Mazhilis Deputy Says Family Should Be Strengthened to Achieve Goals of Kazakhstan 2050

Æåíùèíå âàæíî áûòü íåçàâèñèìîé Àëèÿ ÊåíæåãóëîâàAitkul Samakova, the deputy of the Mazhilis and the head of the Social Council of the Nur Otan party faction in the lower chamber of Parliament, is a former long-time chair of the National Commission on Family Affairs and Gender Policy under the President and a former minister of the environment of Kazakhstan. She spoke to The Astana Times about challenges the country faces in developing a more socially conscious state, including through efforts to promote the rights of women and of pysically and mentally challenged people.

What are the most important aspects of the President’s Address “Kazakhstan’s Path 2050: Common Goal, Common Interests, Common Future” that you would like to highlight?

As always, the President’s address is a very powerful, serious, calibrated and bold policy document. It develops goals for the Kazakhstan 2050 Strategy.

The plan to enter the top 30 most developed countries is ambitious and requires a step-by-step programme. The task is not easy, but feasible.

The document outlined by the President determines the baseline direction and ways to achieve Kazakhstan 2050’s goals, including annual GDP growth of no less than 4 percent, growth of labour productivity up to $126,000 and increase of per capita GDP to $60,000.

The share of the middle class will increase and 70 percent of Kazakhstan nationals will live in cities. The first modern urban centres will become major cities of the country – Astana and Almaty, Shymkent and Aktobe. Life expectancy will grow to 80 years.

In my opinion, prospects for the development of the social sphere are especially important in the address. The head of state has repeatedly said that Kazakhstan should become one of the most safe and comfortable countries for living. That is, everyone will have the opportunity to study, to work and to realise potential.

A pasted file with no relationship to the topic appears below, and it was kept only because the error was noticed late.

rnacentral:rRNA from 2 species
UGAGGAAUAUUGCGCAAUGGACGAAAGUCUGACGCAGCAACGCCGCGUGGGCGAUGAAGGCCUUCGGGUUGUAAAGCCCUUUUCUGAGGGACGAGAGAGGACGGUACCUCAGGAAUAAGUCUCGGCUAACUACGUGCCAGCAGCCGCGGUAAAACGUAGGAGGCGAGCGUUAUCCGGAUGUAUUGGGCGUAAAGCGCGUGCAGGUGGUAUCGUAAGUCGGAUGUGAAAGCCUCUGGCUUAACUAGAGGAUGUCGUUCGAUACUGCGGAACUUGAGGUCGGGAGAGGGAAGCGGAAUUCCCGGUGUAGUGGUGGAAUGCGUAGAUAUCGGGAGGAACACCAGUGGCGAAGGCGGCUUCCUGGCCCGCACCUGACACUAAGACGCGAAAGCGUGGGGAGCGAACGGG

The document says that the social well-being of ordinary people should be a key indicator of progress towards our main goal. What changes are expected in education and healthcare?

In the field of education by 2020, we will provide 100 percent coverage of children aged three to six with preschool education. Also, an objective has been set to reduce school overcrowding in Kazakhstan over the next three years.

All secondary schools will improve their level of teaching and reach the level of the Nazarbayev Intellectual Schools. The state will guarantee technical education to young people.

The leading universities are tasked to transfer to academic and administrative autonomy with the creation of effective systems to support students with high achievements.

As for healthcare, a top priority is development of primary healthcare. The President has directed the officials to study the issue of compulsory health insurance with the prospect of its introduction. The joint liability of the state, the employer and the employee for his or her health should be the main principle of the whole healthcare system.

People with disabilities will be broadly involved in active life and realise themselves as useful workers.

Currently, there are more than 625,000 physically and mentally challenged people in Kazakhstan, of whom 65 percent are of working age. People with disabilities can work in consumer services, the food industry and agriculture. The possibility of introducing a special quota of 5-10 people per organisation to promote employment among the physically and mentally challenged will be considered in the near future.

Every year, more and more attention in our country is paid to people with disabilities. And if earlier we spoke about the size and type of benefits for them, now a wide system of social support and vocational rehabilitation is being formed in the republic.

Can you elaborate on the new document which is to enshrine the core values of the Kazakhstan society – the patriotic act “Mangilik Yel”?

I think that we need such a document. As the President said, “Mangilik Yel” (Kazakh for Eternal Nation) is the national idea of our common home, Kazakhstan. During the years of independence, the country has created the values that unite all people and make up the foundation of the future of our country.